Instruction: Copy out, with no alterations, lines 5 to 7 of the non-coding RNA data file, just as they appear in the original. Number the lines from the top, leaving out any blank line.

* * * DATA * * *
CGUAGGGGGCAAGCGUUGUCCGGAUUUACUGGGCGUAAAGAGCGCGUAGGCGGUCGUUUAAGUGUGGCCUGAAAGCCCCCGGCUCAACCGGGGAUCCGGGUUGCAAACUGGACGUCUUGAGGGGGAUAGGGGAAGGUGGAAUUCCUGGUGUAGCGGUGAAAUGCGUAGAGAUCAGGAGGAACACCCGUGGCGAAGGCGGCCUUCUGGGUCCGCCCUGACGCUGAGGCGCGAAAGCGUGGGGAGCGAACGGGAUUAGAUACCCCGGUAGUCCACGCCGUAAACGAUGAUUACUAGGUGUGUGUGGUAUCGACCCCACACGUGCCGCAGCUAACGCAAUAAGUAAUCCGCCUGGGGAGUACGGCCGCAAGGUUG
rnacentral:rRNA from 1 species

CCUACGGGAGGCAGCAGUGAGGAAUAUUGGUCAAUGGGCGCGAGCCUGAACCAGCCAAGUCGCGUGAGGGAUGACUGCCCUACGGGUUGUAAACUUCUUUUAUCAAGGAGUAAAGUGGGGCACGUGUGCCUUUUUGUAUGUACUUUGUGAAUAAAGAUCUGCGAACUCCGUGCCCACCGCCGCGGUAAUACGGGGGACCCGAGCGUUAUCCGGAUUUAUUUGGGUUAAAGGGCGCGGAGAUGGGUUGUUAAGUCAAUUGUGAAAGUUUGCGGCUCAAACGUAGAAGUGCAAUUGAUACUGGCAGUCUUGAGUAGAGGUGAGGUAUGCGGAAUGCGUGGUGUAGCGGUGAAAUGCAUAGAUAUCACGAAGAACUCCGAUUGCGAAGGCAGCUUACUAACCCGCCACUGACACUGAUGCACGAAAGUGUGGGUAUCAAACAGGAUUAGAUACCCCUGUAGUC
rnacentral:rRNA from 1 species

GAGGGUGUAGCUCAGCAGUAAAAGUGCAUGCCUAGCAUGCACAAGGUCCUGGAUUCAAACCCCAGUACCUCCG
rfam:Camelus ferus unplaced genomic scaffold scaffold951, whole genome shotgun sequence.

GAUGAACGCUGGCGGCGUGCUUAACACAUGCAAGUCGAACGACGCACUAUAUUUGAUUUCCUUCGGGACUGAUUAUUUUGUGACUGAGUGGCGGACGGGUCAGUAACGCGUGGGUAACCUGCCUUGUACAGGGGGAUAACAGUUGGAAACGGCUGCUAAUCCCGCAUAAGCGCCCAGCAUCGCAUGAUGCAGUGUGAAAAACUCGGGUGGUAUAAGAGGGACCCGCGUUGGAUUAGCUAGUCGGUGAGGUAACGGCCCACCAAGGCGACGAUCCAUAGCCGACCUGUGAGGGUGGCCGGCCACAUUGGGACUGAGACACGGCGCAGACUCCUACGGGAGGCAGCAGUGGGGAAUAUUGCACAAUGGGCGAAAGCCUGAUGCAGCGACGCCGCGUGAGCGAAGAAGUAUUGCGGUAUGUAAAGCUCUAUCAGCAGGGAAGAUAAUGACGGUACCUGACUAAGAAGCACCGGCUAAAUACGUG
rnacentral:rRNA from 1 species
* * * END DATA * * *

GAGGGUGUAGCUCAGCAGUAAAAGUGCAUGCCUAGCAUGCACAAGGUCCUGGAUUCAAACCCCAGUACCUCCG
rfam:Camelus ferus unplaced genomic scaffold scaffold951, whole genome shotgun sequence.

GAUGAACGCUGGCGGCGUGCUUAACACAUGCAAGUCGAACGACGCACUAUAUUUGAUUUCCUUCGGGACUGAUUAUUUUGUGACUGAGUGGCGGACGGGUCAGUAACGCGUGGGUAACCUGCCUUGUACAGGGGGAUAACAGUUGGAAACGGCUGCUAAUCCCGCAUAAGCGCCCAGCAUCGCAUGAUGCAGUGUGAAAAACUCGGGUGGUAUAAGAGGGACCCGCGUUGGAUUAGCUAGUCGGUGAGGUAACGGCCCACCAAGGCGACGAUCCAUAGCCGACCUGUGAGGGUGGCCGGCCACAUUGGGACUGAGACACGGCGCAGACUCCUACGGGAGGCAGCAGUGGGGAAUAUUGCACAAUGGGCGAAAGCCUGAUGCAGCGACGCCGCGUGAGCGAAGAAGUAUUGCGGUAUGUAAAGCUCUAUCAGCAGGGAAGAUAAUGACGGUACCUGACUAAGAAGCACCGGCUAAAUACGUG